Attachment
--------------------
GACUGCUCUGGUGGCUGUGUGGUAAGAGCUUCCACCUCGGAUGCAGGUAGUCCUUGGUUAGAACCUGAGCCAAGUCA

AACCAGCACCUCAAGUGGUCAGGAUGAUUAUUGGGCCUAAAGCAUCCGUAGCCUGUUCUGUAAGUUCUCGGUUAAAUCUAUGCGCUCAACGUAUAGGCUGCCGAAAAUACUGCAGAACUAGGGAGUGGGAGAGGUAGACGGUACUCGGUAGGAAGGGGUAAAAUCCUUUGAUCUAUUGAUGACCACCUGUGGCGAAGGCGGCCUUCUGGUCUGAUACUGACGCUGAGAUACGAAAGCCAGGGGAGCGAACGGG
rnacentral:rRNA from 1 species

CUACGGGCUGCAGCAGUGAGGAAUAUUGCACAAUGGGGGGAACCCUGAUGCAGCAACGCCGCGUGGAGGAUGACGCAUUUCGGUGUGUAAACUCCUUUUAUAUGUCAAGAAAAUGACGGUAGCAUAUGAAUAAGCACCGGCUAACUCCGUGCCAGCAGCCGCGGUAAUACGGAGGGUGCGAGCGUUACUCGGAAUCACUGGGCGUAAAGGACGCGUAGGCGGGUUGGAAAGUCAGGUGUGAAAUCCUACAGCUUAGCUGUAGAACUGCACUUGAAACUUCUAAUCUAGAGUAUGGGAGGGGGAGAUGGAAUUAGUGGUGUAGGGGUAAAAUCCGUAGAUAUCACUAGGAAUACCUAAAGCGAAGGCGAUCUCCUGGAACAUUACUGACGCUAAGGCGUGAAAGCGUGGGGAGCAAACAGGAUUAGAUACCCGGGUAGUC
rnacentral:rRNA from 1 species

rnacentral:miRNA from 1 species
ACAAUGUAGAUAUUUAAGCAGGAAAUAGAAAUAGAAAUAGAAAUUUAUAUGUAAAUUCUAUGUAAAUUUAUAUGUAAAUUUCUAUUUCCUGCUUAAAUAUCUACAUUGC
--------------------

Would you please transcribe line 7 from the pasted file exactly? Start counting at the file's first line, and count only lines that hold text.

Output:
ACAAUGUAGAUAUUUAAGCAGGAAAUAGAAAUAGAAAUAGAAAUUUAUAUGUAAAUUCUAUGUAAAUUUAUAUGUAAAUUUCUAUUUCCUGCUUAAAUAUCUACAUUGC